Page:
“Sexo” by Residente and Dillon Francis is what the world needs right now

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I can’t stop smiling. I’m trying, I swear, but I just can’t. “Sexo,” the new single by Puerto Rican rap genius René “Residente” Pérez in collaboration with American DJ and producer Dillon Francis, is hilarious. It’s also assertive and wise and big-hearted and deliciously complex. And then I read that some are already decrying it as “too explicit” and predicting that it will be “the most polemic and controversial” of Residente’s career and I smile even wider.

Why, exactly, is a song about sex supposed to be controversial in a world in which “Despacito” – which features lyrics like “show my mouth your favorite places” and “provoke your screams till you forget your last name” – sells billions of copies is not clear to me. A quick scan through this week’s Latin hit parade finds some of the biggest names in the music world going on and on about getting it on, always with accompanying music videos that leave little to the imagination.

People, I suspect, will have a problem with “Sexo” not because it’s too naughty or too vulgar (it really isn’t), but because it observes instead of ogling, considers instead of accepting blindly, challenges instead of following the pack.

The song, says Resident at the top, is dedicated to Sigmund Freud, father of psychoanalysis and of a million jokes about smoking cigars, and to Judith Butler, feminist thinker and obligatory name call to demonstrate one’s intellectual bona fides. It posits a simple thesis: all human action is driven by the desire to have sex, which is great, since sex is awesome when done with openness and gentleness and love.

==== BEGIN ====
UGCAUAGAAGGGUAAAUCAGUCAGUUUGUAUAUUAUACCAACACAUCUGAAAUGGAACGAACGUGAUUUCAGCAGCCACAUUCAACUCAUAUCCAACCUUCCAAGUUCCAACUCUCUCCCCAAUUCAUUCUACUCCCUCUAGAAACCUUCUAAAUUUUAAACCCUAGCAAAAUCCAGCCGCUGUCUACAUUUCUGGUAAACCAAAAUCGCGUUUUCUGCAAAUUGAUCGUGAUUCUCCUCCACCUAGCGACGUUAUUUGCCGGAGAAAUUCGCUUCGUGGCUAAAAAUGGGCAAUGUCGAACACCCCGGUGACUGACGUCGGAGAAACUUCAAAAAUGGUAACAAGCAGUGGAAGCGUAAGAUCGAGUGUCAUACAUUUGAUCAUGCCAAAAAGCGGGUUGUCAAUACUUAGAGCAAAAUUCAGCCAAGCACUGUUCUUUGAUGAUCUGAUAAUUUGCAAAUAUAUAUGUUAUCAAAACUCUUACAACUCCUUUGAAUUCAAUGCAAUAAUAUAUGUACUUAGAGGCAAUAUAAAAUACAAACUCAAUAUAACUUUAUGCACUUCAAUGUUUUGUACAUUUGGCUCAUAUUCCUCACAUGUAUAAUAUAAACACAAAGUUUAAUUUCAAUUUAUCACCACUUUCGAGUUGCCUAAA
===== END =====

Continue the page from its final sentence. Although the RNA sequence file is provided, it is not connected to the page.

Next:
You get out of bed, it turns out, because you want sex. You talk to people, go to work, read books, go to church, because you want sex: “We never talk about it/ we think about it every day/ it itches down to the bone/ nobody says it but everyone wants sex.” Like George Michael’s “I Want Your Sex” and Salt N’ Pepa’s “Let’s Talk about Sex,” “Sexo” gets its fun from stretching the core concern of pop music to its ridiculous extreme. And like its predecessors, it wins you over with an earworm of a refrain that cave people will still be humming long after the collapse of global civilization.

“Blam, blam

what a bam bam

tu pun pun

wiki wiki

ra-ta-ta-ta”

True to form, Residente doesn’t content himself with delivering a hit. He wants to say something. He wants his art to matter. His brilliance is in doing it while still being entertaining, and hilarious.

The colorful music video offers a raunchy, joyous, welcoming, openhearted vision of sex. In this world men wear dresses with no shame and couples are multi-racial, single-sex, and everything in between. The young and the old, the dark and the light, the tattooed and the square, everyone wants sex. The video’s makers, of course, know what the audience expects to see (bouncing buttocks, dancing models) and it delivers, but always with a rejoinder.

The curly blond wig of a writhing dancer becomes the hair of a mature woman slathered in garish makeup. A slender girl in bra and panties exits a car, then a gorgeous young man, then a mob of people of all shapes and sizes. For every shot of conventional beauty there’s a pale-as-snow beer belly, a crazy mop of hair, an old man popping Viagra. Residente shows himself in bed with two women, one a little person, and there’s not the barest hint of mockery or patronizing explanation. Little people want sex too. Enough said.

Plenty of moralists in Latin America will no doubt rail against the mention of orgies and the digs at Adam and Eve. This is a part of the world in which large numbers of people find it worthwhile to wage a war against the “gender ideology” that means to impose such horrors as gay marriage and protection from bigotry for trans- and gender-non-conforming people. I can’t smile when I think of these moralists’ hypocrisy and stupidity, except when I imagine them succumbing impotently to the “pun pun wiki wiki” of this incredible song.

 

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